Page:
September 28, 2022

Don’t Overtrain: Avoiding Career & Leadership Burnout

Clinician Leadership | Leadership Development

Reading Time: 3 minutes

Leaders are corporate athletes. 

Elite leadership performance requires considerable physical and emotional endurance, mental focus, and determination. The demands that a leader places on their body are substantial. However, few leaders take the time to remember that they have a body, let alone pay close attention to caring for it. Over time, many healthcare leaders succumb to mediocre physical and emotional health. 

Peak leadership performance mandates holistic wellness, and as research published in the National Library of Medicine shows, when your health and wellness deteriorate, your output at work often plummets as well. Protecting your physical, emotional, mental and spiritual health with sustainable habits is imperative to reinforce a strong foundation for a productive career.

Findings on energy management in Harvard Business Review cite Jim Loehr’s seminal work on athletes as a reference point for optimizing corporate results.

“On the playing field or in the boardroom, high performance depends as much on how people renew and recover energy as on how they expend it,” said Loehr. “[It depends] on how they manage their lives as much as on how they manage their work.” 

The most common error leaders make that leads to burnout: avoiding rest and recovery.   

Overtraining Syndrome

Overtraining Syndrome (OTS) is recognized in endurance athletes as a devastating physical result of excessive stress in those who ignore adequate rest and recovery, according to research published in the National Library of Medicine.

OTS represents a maladaptive response to overtraining and is sometimes career-ending. Elite healthcare leaders experience a similar maladaptive syndrome — we just call it “burnout.” 

The physiological and psychological signs and symptoms of burnout and OTS are nearly identical.

Symptoms of overtraining and burnout include the following:

Overtraining Symptoms
  • Debilitating fatigue and poor performance
  • Sense of failure and self doubt
  • Feeling helpless, trapped, and defeated
  • Detachment; feeling alone in the world
  • Loss of motivation
  • Increasingly cynical and negative outlook
  • Decreased satisfaction and sense of accomplishment
Burnout Symptoms
  • Prolonged general fatigue
  • Growing tension, depression, anger or confusion
  • Inability to relax
  • Poor sleep
  • Lack of energy, decreased motivation, moodiness
  • Not feeling joy from things that were once enjoyable
Overtraining Audit: Five Categories To Evaluate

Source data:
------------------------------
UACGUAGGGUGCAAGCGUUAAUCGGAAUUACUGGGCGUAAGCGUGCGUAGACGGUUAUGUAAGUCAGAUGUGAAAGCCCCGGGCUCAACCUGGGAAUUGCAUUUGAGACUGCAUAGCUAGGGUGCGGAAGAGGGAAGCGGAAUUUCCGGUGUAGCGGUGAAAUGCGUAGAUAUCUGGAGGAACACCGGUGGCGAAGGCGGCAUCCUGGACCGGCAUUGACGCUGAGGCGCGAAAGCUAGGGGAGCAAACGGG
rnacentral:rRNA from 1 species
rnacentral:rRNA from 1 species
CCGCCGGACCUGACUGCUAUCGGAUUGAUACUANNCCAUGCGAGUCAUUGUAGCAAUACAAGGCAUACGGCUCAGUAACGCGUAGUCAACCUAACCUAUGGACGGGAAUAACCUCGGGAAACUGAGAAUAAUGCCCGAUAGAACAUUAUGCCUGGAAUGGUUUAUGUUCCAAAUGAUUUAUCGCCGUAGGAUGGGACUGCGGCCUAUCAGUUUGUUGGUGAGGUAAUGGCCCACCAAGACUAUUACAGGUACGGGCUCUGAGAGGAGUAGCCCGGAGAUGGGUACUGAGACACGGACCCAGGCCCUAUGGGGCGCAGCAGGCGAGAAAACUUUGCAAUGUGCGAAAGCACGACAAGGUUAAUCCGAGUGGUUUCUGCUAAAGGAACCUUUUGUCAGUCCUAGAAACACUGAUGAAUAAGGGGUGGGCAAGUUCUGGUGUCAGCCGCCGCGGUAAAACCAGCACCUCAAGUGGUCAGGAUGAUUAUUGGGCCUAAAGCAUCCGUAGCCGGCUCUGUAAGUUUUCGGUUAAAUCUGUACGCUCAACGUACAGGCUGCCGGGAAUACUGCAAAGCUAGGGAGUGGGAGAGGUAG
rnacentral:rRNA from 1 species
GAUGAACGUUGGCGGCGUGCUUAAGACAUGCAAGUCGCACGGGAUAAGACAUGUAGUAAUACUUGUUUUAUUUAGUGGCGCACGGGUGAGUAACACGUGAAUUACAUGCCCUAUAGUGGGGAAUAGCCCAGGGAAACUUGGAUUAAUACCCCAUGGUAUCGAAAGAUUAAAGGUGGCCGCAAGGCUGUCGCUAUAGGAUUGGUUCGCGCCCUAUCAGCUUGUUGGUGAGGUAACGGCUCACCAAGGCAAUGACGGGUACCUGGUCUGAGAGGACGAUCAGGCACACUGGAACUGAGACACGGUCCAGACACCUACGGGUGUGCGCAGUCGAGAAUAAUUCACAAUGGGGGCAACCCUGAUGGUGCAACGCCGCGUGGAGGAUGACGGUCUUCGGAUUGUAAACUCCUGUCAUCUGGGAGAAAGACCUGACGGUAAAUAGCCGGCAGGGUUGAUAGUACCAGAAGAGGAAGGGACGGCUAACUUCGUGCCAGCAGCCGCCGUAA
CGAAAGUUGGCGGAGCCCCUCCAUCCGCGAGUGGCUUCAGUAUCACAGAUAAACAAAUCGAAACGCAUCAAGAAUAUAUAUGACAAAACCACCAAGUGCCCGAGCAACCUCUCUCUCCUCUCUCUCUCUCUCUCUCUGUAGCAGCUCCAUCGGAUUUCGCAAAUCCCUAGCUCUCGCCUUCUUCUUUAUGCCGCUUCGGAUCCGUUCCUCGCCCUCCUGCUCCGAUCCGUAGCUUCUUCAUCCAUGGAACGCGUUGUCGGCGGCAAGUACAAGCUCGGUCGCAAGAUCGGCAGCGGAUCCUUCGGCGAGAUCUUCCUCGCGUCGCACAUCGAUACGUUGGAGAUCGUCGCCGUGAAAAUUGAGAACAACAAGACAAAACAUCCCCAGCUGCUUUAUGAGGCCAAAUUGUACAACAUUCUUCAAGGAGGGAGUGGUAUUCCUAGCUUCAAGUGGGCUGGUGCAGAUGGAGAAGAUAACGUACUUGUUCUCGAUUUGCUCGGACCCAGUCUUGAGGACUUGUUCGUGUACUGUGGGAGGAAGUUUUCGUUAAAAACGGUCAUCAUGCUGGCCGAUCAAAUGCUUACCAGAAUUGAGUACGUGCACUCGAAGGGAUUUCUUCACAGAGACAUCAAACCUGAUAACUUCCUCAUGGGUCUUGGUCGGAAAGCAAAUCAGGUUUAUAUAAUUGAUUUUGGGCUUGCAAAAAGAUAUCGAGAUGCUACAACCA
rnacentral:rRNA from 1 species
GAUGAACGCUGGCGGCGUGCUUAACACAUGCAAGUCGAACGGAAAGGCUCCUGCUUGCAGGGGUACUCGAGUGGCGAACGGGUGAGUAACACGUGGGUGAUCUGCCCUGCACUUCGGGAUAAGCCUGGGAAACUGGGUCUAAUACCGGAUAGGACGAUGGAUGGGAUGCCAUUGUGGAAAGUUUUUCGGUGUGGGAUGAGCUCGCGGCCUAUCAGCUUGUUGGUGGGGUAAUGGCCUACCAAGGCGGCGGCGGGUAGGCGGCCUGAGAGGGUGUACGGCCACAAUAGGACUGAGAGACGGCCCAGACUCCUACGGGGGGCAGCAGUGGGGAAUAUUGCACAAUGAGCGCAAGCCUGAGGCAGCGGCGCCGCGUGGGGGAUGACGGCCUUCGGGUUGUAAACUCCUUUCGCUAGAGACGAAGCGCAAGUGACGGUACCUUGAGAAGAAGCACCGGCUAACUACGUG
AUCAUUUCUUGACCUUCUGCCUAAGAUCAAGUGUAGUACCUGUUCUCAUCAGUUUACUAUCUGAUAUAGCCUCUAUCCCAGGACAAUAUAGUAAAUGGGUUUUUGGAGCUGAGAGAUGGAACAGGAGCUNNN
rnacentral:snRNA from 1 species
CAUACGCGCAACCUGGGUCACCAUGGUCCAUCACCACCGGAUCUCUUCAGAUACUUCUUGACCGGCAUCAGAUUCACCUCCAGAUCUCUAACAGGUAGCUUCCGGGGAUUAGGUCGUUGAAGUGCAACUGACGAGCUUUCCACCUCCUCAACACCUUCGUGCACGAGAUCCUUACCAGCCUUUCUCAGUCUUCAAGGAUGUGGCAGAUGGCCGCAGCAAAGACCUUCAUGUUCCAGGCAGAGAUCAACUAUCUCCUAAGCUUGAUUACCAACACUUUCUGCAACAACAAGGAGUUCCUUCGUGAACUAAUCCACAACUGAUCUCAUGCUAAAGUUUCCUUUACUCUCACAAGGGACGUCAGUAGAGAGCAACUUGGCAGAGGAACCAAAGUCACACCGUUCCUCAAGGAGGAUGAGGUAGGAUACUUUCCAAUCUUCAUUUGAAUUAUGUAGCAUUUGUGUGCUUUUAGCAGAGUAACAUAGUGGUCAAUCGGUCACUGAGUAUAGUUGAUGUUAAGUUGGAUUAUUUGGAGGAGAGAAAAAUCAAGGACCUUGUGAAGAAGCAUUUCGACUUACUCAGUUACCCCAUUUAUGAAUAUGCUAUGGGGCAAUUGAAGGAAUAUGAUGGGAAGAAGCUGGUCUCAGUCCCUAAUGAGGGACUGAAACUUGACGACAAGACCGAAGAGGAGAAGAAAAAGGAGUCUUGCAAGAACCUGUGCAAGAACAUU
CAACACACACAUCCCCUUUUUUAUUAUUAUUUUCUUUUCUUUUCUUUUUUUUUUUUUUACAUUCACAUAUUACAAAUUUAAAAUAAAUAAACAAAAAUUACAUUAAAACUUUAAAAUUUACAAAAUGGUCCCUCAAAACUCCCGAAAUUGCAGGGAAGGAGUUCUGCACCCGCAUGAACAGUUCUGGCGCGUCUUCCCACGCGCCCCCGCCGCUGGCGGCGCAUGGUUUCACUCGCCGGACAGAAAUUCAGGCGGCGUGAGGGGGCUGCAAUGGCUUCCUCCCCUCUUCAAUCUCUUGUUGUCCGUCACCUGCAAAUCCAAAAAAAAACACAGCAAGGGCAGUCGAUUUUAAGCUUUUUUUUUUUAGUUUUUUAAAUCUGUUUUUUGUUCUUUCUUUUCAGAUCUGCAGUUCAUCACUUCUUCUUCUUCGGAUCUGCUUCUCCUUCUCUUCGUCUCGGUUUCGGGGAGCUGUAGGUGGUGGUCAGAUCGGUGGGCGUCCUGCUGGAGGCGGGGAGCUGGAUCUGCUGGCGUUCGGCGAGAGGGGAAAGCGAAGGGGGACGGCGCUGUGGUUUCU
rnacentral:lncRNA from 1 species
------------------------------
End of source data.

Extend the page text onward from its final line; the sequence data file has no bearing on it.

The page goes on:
If you’ve spotted symptoms above that mirror your current experience, you will be glad to know there are meaningful actions to mitigate burnout.

The following five categories significantly contribute to overall wellness and help combat burnout:

brain uses about 30% of what we eat and can’t store for later, so being hungry impacts decision-making abilities. A healthy diet of whole foods positively impacts brain health.

brain is 78% water and a deficit can negatively impact focus. People who drank a pint of water before carrying out a mental task had reaction times 14% faster than others.

Regular exercise oxygenates cells, making your brain more agile. Movement improves learning and memory, emotional control, increases oxytocin, and
decreases risk of dementia by 30%.

Deprivation of adequate rest results in lower IQ, suboptimal decision-making, and a greater risk of dementia. Lack of sleep is
damaging to the lymphatic system as it does not have adequate time to flush toxins from the brain. 

Deep relationships:
Social interactions and connectedness improve health and wellness. Investing in and sustaining
meaningful personal relationships help improve physical health.

As a healthcare leader, you are responsible for setting an example for your teams to establish healthy habits.

“When people feel strong and resilient physically, mentally, emotionally, and spiritually, they perform better, with more passion, for longer,” said Jim Loehr in his book, “The Power of Full Engagement.” “They win, their families win, and the corporations that employ them win.”

Just like elite athletes, corporate leaders can train to win. Which of the above categories will you prioritize strengthening first?

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About the author

Michael S. Hein, MD, MHCM, ACC

Michael S. Hein, MD, MHCM, ACC has over 20 years of healthcare leadership experience in multi-specialty practice, large integrated health systems, academic medicine, and start-up companies. He has extensive clinical leadership experience and deep knowledge in transformational change.

William M. Barnes, Ph.D., MBA, PCC

William M. Barnes, Ph.D., MBA, PCC is a multi-faceted healthcare executive who brings diverse perspectives from successful leadership and clinical responsibilities. As a clinical psychologist, William spent more than 20 years simultaneously providing direct service and executive leadership at Children’s National Health Systems, where he served as Director of Community Based Adolescent HIV Research and Director of HIV Support Services.

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